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Time for Serial Careers

Serial CareersCareer coaching is full of incredible surprises. This is a true story about age, the perception of time, and – inevitably – why career coaching is the bolt of lightning that lights up your darkened path.

One of my earliest career-coaching clients was also my twenty-eight-year-old accountant. He was just starting out, tugging at his rural roots in order to transplant into a more urban area, and very enthusiastic about being coached “just to see what it’s all about” but not really thinking that it would have any personal benefits for him. He had the idea that, given the large number of startups he found himself in charge of in the office, he should learn some coaching skills to help his clients and bring synergy to the accounting profession.

One of the essential career-coaching exercises is something called Timeline. This has many manifestations but basically it aims at informing the coach and the coachee as to how the latter deals with the passage of time, on many different levels. It may include questions like “What do you see yourself doing at age thirty, forty, or fifty?”

I was dumb-founded when my client replied – with no malice or cynicism, given that he knew my mature age – that at age 52 he saw himself retired, in a wheelchair and about to die. It turned out that he had plenty of models like that in his own family and immediate entourage. Ambition was an unknown word, or at best suspicious. This corresponded with the paltry salary progression he had assigned himself, in the exercise, over his short career path.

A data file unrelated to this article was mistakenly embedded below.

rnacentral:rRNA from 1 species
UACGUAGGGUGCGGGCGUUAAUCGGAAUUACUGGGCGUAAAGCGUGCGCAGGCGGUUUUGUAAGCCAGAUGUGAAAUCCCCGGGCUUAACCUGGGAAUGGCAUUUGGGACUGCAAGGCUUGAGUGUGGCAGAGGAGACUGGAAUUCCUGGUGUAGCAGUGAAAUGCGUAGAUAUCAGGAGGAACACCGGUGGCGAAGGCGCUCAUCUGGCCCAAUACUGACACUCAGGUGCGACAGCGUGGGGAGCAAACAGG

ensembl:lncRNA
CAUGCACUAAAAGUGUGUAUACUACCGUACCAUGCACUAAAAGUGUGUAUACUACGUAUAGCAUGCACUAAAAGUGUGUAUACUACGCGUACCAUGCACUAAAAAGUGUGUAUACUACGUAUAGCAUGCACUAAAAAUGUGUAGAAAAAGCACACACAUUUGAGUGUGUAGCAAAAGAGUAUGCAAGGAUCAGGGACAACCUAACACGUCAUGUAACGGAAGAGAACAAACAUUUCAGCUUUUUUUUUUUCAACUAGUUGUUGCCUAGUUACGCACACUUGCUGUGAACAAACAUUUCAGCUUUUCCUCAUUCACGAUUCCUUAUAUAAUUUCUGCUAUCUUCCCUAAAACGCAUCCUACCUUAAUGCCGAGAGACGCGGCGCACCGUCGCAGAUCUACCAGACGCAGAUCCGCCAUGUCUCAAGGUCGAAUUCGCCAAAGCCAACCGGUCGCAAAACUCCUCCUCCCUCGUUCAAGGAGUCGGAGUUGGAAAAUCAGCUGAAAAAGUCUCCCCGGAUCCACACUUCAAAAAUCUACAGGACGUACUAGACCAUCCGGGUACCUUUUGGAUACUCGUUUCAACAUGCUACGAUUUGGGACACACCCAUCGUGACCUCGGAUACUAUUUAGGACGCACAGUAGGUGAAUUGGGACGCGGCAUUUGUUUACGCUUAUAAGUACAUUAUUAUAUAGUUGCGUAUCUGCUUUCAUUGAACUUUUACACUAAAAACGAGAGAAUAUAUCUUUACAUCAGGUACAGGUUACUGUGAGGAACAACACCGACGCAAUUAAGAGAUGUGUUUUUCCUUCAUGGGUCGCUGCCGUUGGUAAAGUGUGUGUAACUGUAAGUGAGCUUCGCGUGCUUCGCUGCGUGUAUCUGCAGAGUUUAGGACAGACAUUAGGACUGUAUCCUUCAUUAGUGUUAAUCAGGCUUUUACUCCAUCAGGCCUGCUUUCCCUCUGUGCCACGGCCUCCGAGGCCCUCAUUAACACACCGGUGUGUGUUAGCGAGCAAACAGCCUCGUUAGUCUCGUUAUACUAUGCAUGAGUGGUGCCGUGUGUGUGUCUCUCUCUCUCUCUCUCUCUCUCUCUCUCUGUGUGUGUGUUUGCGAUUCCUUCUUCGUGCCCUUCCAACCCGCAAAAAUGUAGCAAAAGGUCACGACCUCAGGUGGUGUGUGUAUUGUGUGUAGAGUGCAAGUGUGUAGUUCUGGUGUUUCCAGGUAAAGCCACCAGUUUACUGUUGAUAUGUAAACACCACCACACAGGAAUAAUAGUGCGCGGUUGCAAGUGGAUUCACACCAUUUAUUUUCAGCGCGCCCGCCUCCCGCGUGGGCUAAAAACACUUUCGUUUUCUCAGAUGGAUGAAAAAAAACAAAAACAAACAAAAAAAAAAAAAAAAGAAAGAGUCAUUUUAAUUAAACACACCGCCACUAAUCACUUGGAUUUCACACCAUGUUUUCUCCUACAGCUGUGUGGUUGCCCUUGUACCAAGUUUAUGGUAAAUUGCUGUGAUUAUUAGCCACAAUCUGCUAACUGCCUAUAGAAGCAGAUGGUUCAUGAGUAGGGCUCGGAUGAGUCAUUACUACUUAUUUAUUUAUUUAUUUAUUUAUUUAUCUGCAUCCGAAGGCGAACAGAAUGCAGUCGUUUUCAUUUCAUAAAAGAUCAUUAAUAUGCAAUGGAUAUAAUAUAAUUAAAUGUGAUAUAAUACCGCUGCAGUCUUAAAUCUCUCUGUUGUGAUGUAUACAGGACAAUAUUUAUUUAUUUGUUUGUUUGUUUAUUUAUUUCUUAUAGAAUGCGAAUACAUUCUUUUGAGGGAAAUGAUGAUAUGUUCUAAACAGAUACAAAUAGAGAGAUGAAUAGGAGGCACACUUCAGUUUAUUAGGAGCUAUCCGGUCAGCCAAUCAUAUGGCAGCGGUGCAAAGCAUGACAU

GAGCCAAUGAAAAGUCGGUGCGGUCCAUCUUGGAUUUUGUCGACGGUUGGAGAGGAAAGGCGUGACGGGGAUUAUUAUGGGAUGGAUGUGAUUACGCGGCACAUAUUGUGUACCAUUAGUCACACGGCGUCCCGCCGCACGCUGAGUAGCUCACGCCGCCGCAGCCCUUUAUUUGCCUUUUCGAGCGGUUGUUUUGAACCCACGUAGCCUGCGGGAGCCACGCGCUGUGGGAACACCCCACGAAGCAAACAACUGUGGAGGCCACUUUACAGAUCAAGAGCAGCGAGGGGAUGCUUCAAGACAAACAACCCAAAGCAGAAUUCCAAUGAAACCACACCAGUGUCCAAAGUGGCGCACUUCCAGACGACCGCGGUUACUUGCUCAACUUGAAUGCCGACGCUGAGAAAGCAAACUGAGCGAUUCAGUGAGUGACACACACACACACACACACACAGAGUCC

Timeline is an exercise that also jars my master students, who cannot see beyond their immediate school year or perhaps, if pushed, past age thirty. Virtually none have thought about what they want to do at age sixty. And, yet, at age sixty, many people still have the physical and mental capacity to continue working another decade or more. But preferably work (or play) at something they enjoy and enriches them in ways their previous career did not.

With retirement happening younger and life expectancy increasing, the notion of “serial careers” needs to be taken more seriously. There IS life beyond your first burnout, your first job loss, and, yes, beyond sixty!

Employees are no longer striving to earn that proverbial gold watch for twenty-five years of loyal service at the same job or with the same employer. Our environment, be it economic or ecological, forces us to consider creative employment alternatives and to adapt to the demands of change and flexibility. Doing that alone is painful and costly. A good professional or career coach helps you identify better solutions faster, eases the burden of the unknown, and is both cost- and spirit-effective in a sustainable manner.

My accountant is now 38 and chief accountant for a subsidiary of a large national network of accountants in France. He has already doubled the salary he thought he would have when he retired at 52, and he is happily planning to live long enough to retire well into his sixties. Or make a change of career at forty or fifty.

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